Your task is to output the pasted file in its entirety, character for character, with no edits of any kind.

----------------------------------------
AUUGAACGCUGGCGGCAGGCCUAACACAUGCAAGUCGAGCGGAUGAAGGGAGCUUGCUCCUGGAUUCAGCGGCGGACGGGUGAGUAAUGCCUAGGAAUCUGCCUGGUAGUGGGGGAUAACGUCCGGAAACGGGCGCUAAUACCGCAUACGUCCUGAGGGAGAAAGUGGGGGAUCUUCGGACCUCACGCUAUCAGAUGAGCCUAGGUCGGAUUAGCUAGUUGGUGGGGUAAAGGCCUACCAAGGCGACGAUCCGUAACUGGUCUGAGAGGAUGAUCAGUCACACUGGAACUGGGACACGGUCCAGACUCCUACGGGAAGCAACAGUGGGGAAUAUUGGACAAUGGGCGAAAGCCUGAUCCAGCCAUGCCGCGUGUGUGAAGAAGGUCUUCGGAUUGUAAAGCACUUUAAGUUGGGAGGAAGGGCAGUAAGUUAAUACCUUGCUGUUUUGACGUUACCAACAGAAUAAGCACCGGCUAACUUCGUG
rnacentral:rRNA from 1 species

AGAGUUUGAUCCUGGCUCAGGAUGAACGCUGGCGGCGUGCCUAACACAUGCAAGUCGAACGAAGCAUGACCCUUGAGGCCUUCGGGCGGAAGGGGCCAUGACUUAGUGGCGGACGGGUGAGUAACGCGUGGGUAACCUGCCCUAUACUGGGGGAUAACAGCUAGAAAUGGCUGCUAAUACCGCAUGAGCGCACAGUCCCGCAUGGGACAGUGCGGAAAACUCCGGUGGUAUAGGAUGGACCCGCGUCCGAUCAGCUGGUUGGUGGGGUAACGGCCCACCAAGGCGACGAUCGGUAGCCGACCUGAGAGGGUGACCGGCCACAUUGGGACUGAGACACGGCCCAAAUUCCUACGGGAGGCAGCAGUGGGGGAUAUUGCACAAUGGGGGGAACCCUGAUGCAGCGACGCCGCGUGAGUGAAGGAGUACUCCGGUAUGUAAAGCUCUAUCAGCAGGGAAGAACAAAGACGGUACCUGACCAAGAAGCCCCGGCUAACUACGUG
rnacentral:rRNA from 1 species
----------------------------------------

AUUGAACGCUGGCGGCAGGCCUAACACAUGCAAGUCGAGCGGAUGAAGGGAGCUUGCUCCUGGAUUCAGCGGCGGACGGGUGAGUAAUGCCUAGGAAUCUGCCUGGUAGUGGGGGAUAACGUCCGGAAACGGGCGCUAAUACCGCAUACGUCCUGAGGGAGAAAGUGGGGGAUCUUCGGACCUCACGCUAUCAGAUGAGCCUAGGUCGGAUUAGCUAGUUGGUGGGGUAAAGGCCUACCAAGGCGACGAUCCGUAACUGGUCUGAGAGGAUGAUCAGUCACACUGGAACUGGGACACGGUCCAGACUCCUACGGGAAGCAACAGUGGGGAAUAUUGGACAAUGGGCGAAAGCCUGAUCCAGCCAUGCCGCGUGUGUGAAGAAGGUCUUCGGAUUGUAAAGCACUUUAAGUUGGGAGGAAGGGCAGUAAGUUAAUACCUUGCUGUUUUGACGUUACCAACAGAAUAAGCACCGGCUAACUUCGUG
rnacentral:rRNA from 1 species

AGAGUUUGAUCCUGGCUCAGGAUGAACGCUGGCGGCGUGCCUAACACAUGCAAGUCGAACGAAGCAUGACCCUUGAGGCCUUCGGGCGGAAGGGGCCAUGACUUAGUGGCGGACGGGUGAGUAACGCGUGGGUAACCUGCCCUAUACUGGGGGAUAACAGCUAGAAAUGGCUGCUAAUACCGCAUGAGCGCACAGUCCCGCAUGGGACAGUGCGGAAAACUCCGGUGGUAUAGGAUGGACCCGCGUCCGAUCAGCUGGUUGGUGGGGUAACGGCCCACCAAGGCGACGAUCGGUAGCCGACCUGAGAGGGUGACCGGCCACAUUGGGACUGAGACACGGCCCAAAUUCCUACGGGAGGCAGCAGUGGGGGAUAUUGCACAAUGGGGGGAACCCUGAUGCAGCGACGCCGCGUGAGUGAAGGAGUACUCCGGUAUGUAAAGCUCUAUCAGCAGGGAAGAACAAAGACGGUACCUGACCAAGAAGCCCCGGCUAACUACGUG
rnacentral:rRNA from 1 species